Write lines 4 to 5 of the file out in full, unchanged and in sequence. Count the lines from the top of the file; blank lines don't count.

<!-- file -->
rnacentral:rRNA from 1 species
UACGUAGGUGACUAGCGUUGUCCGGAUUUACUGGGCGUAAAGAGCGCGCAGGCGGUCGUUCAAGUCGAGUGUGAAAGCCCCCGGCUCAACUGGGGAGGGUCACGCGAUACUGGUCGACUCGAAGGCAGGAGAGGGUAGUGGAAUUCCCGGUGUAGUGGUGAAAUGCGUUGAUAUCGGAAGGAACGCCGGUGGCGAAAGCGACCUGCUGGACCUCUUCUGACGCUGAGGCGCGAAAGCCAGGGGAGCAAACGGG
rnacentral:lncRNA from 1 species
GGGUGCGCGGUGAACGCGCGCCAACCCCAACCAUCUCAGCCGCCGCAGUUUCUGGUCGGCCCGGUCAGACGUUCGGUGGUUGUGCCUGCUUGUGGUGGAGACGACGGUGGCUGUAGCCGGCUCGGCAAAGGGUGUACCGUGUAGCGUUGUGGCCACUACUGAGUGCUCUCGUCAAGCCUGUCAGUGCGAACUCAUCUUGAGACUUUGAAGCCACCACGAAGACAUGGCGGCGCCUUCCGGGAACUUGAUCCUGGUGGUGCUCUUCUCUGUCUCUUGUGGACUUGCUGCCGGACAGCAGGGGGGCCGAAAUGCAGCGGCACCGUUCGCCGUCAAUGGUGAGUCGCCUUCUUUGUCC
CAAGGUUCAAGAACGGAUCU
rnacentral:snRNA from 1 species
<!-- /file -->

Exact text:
GGGUGCGCGGUGAACGCGCGCCAACCCCAACCAUCUCAGCCGCCGCAGUUUCUGGUCGGCCCGGUCAGACGUUCGGUGGUUGUGCCUGCUUGUGGUGGAGACGACGGUGGCUGUAGCCGGCUCGGCAAAGGGUGUACCGUGUAGCGUUGUGGCCACUACUGAGUGCUCUCGUCAAGCCUGUCAGUGCGAACUCAUCUUGAGACUUUGAAGCCACCACGAAGACAUGGCGGCGCCUUCCGGGAACUUGAUCCUGGUGGUGCUCUUCUCUGUCUCUUGUGGACUUGCUGCCGGACAGCAGGGGGGCCGAAAUGCAGCGGCACCGUUCGCCGUCAAUGGUGAGUCGCCUUCUUUGUCC
CAAGGUUCAAGAACGGAUCU